Senvion Takes on Nordex With Low-Wind Turbine to Boost Share

Senvion GmbH, a German turbine maker, is expanding in the low-wind market as domestic demand climbs, taking on rivals including Nordex SE.

Senvion will unveil Tuesday its biggest turbine designed for areas with slower wind, a 3.4-megawatt system with a 140-meter (459-foot) rotor diameter. The company is seeking to increase its market share in Germany beyond the current 15 percent, Chief Executive Officer Andreas Nauen said in an interview.

With the new system, Senvion will be increasing competition with Nordex, Siemens AG and Vestas Wind Systems A/S, all of which are benefiting from record additions of wind power in Germany, fueled in part by developments in regions with lower wind resources.

“We clearly saw an opportunity, that the low-wind markets in the world are increasing,” Nauen said Monday at the company’s headquarters in Hamburg.

The turbine will be unveiled at a trade show that starts Tuesday in Husum, northern Germany, a traditional venue for showcasing technological and cost-cutting improvements. Nauen said a prototype will be installed in 2017.

With a rotor diameter that’s 20 meters longer than the company’s biggest model in the 3-megawatt class, the turbine is “clearly something that goes way beyond what we did in the past,” he said.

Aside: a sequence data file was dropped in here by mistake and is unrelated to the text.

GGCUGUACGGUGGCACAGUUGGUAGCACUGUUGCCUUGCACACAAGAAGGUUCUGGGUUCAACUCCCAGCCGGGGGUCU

Nordex Monday introduced a 3.3-megawatt low-wind turbine, with a rotor diameter of 131 meters.

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Senvion, which was bought by the U.S. fund Centerbridge Partners from Suzlon Energy Ltd. this year for 1 billion euros ($1.2 billion) in cash, is also targeting growth in countries including Ireland, the Netherlands, Turkey and Norway that are “neighbors or satellites to our core markets,” Nauen said.

The company has no plans to issue debt to finance growth, Chief Financial Officer Manav Sharma said in the same interview.

“I do not see us raising any additional bond or adding indebtedness to the company at this stage or in the immediate future,” Sharma said. “We believe at this stage we can fund our business from the company cash-flows.”

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